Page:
Taking a holiday is key to living longer NOT diet and exercise, experts say
GOING on holiday helps you live longer, research reveals.
Medics found working too hard can be deadly for stressed middle-aged adults.
A 40-year study shows they were a third more likely to die young if they took less than three weeks off each year.
Experts said just doling out pills to unhealthy Brits and advising them to get fit could be harmful – as it may raise stress levels with deadly effect.
Instead, GPs should be encouraging more of us to take a break by prescribing a holiday as well.
Lead researcher Professor Timo Strandberg, from Helsinki University, said: “Don’t think having an otherwise healthy lifestyle will compensate for working too hard and not taking holidays.
“Vacations can be a good way to relieve stress.”
The study, presented at the European Society of Cardiology [must keep] conference in Munich, began in 1974 and involved more than 1,200 middle-aged businessmen.
Scientists were surprised to find that those given lifestyle advice and drugs were more likely to die young than those left to their own devices.
One explanation is the intervention raised stress levels and did more harm than good.
Experts found men in this group were 37 per cent more likely to die young over the next 30 years if they took fewer than three weeks holiday annually.
Prof Strandberg said: “Men with shorter vacations worked more and slept less than those who took longer vacations. This stressful lifestyle may have overruled any benefit of the intervention.
“We think the intervention itself may also have had an adverse psychological effect on these men by adding stress to their lives.
“Drug treatment yes, but you must always keep lifestyle advice. The most important intervention to lengthen life is social.”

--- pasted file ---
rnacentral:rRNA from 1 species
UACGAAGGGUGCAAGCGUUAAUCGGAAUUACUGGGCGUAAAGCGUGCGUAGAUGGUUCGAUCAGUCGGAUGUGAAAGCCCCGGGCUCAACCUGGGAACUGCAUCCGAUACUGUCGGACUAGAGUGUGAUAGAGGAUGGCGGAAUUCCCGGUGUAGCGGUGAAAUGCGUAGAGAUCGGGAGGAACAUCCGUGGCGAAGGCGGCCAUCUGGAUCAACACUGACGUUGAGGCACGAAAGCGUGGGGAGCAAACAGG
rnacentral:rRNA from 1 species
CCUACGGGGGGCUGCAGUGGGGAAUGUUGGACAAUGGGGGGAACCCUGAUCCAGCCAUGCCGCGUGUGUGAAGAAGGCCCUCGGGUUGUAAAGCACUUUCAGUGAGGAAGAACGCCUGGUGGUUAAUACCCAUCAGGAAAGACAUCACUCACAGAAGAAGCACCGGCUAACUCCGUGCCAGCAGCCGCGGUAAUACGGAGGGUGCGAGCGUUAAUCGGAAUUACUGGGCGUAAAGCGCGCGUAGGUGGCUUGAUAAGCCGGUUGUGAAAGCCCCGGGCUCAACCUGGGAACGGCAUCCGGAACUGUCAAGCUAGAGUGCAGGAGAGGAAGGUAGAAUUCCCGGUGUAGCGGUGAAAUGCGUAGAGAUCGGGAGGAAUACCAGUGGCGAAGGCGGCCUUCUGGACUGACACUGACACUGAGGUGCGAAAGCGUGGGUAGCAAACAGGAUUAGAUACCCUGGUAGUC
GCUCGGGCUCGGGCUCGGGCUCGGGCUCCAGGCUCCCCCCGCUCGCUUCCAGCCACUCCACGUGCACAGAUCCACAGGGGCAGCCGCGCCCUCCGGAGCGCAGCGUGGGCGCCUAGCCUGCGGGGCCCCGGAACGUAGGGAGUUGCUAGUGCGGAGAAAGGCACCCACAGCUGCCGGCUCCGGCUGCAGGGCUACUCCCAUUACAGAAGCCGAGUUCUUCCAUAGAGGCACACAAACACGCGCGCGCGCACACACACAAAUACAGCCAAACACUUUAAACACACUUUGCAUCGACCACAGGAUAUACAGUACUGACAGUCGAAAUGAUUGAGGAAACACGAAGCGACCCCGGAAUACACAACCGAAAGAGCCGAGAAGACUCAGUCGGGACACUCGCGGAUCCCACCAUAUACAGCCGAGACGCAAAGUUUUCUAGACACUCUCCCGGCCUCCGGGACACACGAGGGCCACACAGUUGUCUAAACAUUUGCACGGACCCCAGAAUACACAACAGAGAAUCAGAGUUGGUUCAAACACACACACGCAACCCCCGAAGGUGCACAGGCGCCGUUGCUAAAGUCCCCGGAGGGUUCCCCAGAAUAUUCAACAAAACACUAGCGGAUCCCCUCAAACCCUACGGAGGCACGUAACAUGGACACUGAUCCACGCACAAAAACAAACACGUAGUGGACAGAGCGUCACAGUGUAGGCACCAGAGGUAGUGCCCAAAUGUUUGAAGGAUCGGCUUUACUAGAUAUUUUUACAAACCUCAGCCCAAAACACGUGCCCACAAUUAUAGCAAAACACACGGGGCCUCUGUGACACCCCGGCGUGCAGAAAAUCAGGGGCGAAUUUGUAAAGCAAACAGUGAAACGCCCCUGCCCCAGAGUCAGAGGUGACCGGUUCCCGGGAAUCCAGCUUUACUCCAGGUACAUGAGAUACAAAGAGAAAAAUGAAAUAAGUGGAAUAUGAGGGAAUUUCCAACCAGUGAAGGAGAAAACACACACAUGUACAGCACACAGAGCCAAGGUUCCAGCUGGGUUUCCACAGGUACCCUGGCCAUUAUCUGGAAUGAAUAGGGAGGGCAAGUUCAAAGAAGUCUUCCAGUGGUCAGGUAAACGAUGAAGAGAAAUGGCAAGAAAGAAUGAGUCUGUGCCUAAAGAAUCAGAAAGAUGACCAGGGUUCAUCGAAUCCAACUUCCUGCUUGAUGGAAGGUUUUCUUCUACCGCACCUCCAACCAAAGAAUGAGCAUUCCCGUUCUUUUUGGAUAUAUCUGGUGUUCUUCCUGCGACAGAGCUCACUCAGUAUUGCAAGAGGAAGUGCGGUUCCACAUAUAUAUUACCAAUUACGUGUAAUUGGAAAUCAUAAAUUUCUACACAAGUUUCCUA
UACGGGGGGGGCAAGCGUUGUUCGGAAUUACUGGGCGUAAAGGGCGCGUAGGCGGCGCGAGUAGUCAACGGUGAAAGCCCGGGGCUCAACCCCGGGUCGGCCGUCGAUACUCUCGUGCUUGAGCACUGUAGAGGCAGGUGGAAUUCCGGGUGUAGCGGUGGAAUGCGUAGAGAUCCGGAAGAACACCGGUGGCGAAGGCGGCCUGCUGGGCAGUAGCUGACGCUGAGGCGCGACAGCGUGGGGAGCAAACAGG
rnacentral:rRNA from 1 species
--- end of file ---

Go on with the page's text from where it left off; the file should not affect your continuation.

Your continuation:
Medics said treatment and advice has now improved compared to the 70s.
Professor Joep Perk, spokesman for the European Society of Cardiology, said people need to relax.
He said: “Asking 95 year old people what was the reason they reached 95, almost always the response I get was, ‘I enjoyed life, I had a nice time’.
“It’s not about chasing risk factors. Don’t forget to enjoy life, you only have one.”
Professor Martin Marshall, Vice Chair of the Royal College of GPs, said: “Rest and relaxation can definitely be beneficial for a patient’s long-term physical and mental health and wellbeing.
“However, whilst GPs and our teams often recommend that patients take some time away from work, or go on holiday if they are stressed, we must also be mindful that this is easier said than done for many.”
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Professor Jeremy Pearson, Associate Medical Director at the British Heart Foundation, said: “Everyone is affected by stress. It may be a trigger for smoking, drinking more alcohol and eating unhealthily, which in turn increases the risk of developing coronary heart disease – the most common cause of a heart attack.
“Taking time out can be a great way to relieve tension, but you can also talk to friends and family and use your support network to share any troubles.”
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